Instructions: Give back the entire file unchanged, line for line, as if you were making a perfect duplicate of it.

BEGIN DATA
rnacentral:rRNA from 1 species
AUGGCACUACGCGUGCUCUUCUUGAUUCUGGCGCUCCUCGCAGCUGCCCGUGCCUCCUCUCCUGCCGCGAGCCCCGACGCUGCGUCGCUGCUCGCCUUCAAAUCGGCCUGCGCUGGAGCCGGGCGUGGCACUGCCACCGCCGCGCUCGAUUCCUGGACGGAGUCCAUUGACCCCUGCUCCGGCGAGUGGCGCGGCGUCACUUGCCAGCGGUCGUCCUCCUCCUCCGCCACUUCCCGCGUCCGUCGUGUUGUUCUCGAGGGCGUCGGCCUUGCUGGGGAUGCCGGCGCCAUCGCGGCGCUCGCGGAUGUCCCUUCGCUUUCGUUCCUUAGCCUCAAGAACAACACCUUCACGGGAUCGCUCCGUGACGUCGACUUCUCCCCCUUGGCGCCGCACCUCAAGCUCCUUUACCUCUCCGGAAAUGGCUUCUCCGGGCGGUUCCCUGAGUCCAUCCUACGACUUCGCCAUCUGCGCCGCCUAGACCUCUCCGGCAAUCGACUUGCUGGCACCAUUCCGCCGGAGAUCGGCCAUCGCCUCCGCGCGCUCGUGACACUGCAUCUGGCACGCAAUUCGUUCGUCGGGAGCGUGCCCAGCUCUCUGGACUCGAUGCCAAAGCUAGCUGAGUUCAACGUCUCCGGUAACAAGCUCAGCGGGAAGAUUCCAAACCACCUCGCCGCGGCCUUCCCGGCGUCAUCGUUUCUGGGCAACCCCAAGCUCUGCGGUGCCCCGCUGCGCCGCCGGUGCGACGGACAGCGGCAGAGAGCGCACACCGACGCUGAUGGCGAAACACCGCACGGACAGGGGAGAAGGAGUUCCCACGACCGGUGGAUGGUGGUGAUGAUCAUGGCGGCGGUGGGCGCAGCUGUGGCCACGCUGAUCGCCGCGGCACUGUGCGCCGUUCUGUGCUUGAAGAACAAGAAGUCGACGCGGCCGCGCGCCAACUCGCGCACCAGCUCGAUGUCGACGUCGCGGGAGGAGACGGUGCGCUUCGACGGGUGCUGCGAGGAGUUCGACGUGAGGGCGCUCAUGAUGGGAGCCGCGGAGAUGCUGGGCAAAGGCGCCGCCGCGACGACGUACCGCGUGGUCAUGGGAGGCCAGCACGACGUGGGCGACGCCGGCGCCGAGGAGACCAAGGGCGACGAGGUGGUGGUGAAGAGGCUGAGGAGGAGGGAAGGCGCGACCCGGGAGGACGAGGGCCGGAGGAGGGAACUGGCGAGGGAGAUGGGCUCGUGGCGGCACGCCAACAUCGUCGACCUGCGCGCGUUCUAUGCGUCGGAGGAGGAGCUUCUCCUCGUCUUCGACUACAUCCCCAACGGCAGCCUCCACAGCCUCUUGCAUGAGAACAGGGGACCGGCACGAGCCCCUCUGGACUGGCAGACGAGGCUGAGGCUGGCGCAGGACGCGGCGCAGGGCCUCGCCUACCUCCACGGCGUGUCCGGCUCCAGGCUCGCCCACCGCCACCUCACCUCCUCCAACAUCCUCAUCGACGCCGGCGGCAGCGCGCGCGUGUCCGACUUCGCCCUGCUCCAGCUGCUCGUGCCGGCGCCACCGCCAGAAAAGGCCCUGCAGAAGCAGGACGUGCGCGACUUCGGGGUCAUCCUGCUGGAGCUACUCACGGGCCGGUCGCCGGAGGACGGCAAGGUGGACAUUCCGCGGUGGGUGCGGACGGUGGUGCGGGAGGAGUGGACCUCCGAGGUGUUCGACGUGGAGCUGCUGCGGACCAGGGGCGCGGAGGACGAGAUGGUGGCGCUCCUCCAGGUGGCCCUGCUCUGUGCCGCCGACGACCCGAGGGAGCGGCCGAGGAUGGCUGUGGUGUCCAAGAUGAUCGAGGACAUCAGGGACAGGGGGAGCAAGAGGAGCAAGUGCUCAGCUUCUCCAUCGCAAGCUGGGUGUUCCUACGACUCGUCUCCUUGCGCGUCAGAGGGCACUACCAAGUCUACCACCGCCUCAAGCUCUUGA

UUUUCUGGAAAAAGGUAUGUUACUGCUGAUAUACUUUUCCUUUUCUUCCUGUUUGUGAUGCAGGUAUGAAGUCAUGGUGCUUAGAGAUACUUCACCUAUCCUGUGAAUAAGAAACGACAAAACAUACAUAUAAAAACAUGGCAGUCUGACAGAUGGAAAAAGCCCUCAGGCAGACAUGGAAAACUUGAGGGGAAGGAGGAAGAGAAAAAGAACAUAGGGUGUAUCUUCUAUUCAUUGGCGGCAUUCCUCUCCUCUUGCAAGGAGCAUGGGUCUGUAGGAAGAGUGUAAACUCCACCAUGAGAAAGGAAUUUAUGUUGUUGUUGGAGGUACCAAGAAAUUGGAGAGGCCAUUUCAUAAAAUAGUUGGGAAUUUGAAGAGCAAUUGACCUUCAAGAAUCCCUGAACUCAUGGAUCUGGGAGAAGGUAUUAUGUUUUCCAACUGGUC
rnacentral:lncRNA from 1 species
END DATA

rnacentral:rRNA from 1 species
AUGGCACUACGCGUGCUCUUCUUGAUUCUGGCGCUCCUCGCAGCUGCCCGUGCCUCCUCUCCUGCCGCGAGCCCCGACGCUGCGUCGCUGCUCGCCUUCAAAUCGGCCUGCGCUGGAGCCGGGCGUGGCACUGCCACCGCCGCGCUCGAUUCCUGGACGGAGUCCAUUGACCCCUGCUCCGGCGAGUGGCGCGGCGUCACUUGCCAGCGGUCGUCCUCCUCCUCCGCCACUUCCCGCGUCCGUCGUGUUGUUCUCGAGGGCGUCGGCCUUGCUGGGGAUGCCGGCGCCAUCGCGGCGCUCGCGGAUGUCCCUUCGCUUUCGUUCCUUAGCCUCAAGAACAACACCUUCACGGGAUCGCUCCGUGACGUCGACUUCUCCCCCUUGGCGCCGCACCUCAAGCUCCUUUACCUCUCCGGAAAUGGCUUCUCCGGGCGGUUCCCUGAGUCCAUCCUACGACUUCGCCAUCUGCGCCGCCUAGACCUCUCCGGCAAUCGACUUGCUGGCACCAUUCCGCCGGAGAUCGGCCAUCGCCUCCGCGCGCUCGUGACACUGCAUCUGGCACGCAAUUCGUUCGUCGGGAGCGUGCCCAGCUCUCUGGACUCGAUGCCAAAGCUAGCUGAGUUCAACGUCUCCGGUAACAAGCUCAGCGGGAAGAUUCCAAACCACCUCGCCGCGGCCUUCCCGGCGUCAUCGUUUCUGGGCAACCCCAAGCUCUGCGGUGCCCCGCUGCGCCGCCGGUGCGACGGACAGCGGCAGAGAGCGCACACCGACGCUGAUGGCGAAACACCGCACGGACAGGGGAGAAGGAGUUCCCACGACCGGUGGAUGGUGGUGAUGAUCAUGGCGGCGGUGGGCGCAGCUGUGGCCACGCUGAUCGCCGCGGCACUGUGCGCCGUUCUGUGCUUGAAGAACAAGAAGUCGACGCGGCCGCGCGCCAACUCGCGCACCAGCUCGAUGUCGACGUCGCGGGAGGAGACGGUGCGCUUCGACGGGUGCUGCGAGGAGUUCGACGUGAGGGCGCUCAUGAUGGGAGCCGCGGAGAUGCUGGGCAAAGGCGCCGCCGCGACGACGUACCGCGUGGUCAUGGGAGGCCAGCACGACGUGGGCGACGCCGGCGCCGAGGAGACCAAGGGCGACGAGGUGGUGGUGAAGAGGCUGAGGAGGAGGGAAGGCGCGACCCGGGAGGACGAGGGCCGGAGGAGGGAACUGGCGAGGGAGAUGGGCUCGUGGCGGCACGCCAACAUCGUCGACCUGCGCGCGUUCUAUGCGUCGGAGGAGGAGCUUCUCCUCGUCUUCGACUACAUCCCCAACGGCAGCCUCCACAGCCUCUUGCAUGAGAACAGGGGACCGGCACGAGCCCCUCUGGACUGGCAGACGAGGCUGAGGCUGGCGCAGGACGCGGCGCAGGGCCUCGCCUACCUCCACGGCGUGUCCGGCUCCAGGCUCGCCCACCGCCACCUCACCUCCUCCAACAUCCUCAUCGACGCCGGCGGCAGCGCGCGCGUGUCCGACUUCGCCCUGCUCCAGCUGCUCGUGCCGGCGCCACCGCCAGAAAAGGCCCUGCAGAAGCAGGACGUGCGCGACUUCGGGGUCAUCCUGCUGGAGCUACUCACGGGCCGGUCGCCGGAGGACGGCAAGGUGGACAUUCCGCGGUGGGUGCGGACGGUGGUGCGGGAGGAGUGGACCUCCGAGGUGUUCGACGUGGAGCUGCUGCGGACCAGGGGCGCGGAGGACGAGAUGGUGGCGCUCCUCCAGGUGGCCCUGCUCUGUGCCGCCGACGACCCGAGGGAGCGGCCGAGGAUGGCUGUGGUGUCCAAGAUGAUCGAGGACAUCAGGGACAGGGGGAGCAAGAGGAGCAAGUGCUCAGCUUCUCCAUCGCAAGCUGGGUGUUCCUACGACUCGUCUCCUUGCGCGUCAGAGGGCACUACCAAGUCUACCACCGCCUCAAGCUCUUGA

UUUUCUGGAAAAAGGUAUGUUACUGCUGAUAUACUUUUCCUUUUCUUCCUGUUUGUGAUGCAGGUAUGAAGUCAUGGUGCUUAGAGAUACUUCACCUAUCCUGUGAAUAAGAAACGACAAAACAUACAUAUAAAAACAUGGCAGUCUGACAGAUGGAAAAAGCCCUCAGGCAGACAUGGAAAACUUGAGGGGAAGGAGGAAGAGAAAAAGAACAUAGGGUGUAUCUUCUAUUCAUUGGCGGCAUUCCUCUCCUCUUGCAAGGAGCAUGGGUCUGUAGGAAGAGUGUAAACUCCACCAUGAGAAAGGAAUUUAUGUUGUUGUUGGAGGUACCAAGAAAUUGGAGAGGCCAUUUCAUAAAAUAGUUGGGAAUUUGAAGAGCAAUUGACCUUCAAGAAUCCCUGAACUCAUGGAUCUGGGAGAAGGUAUUAUGUUUUCCAACUGGUC
rnacentral:lncRNA from 1 species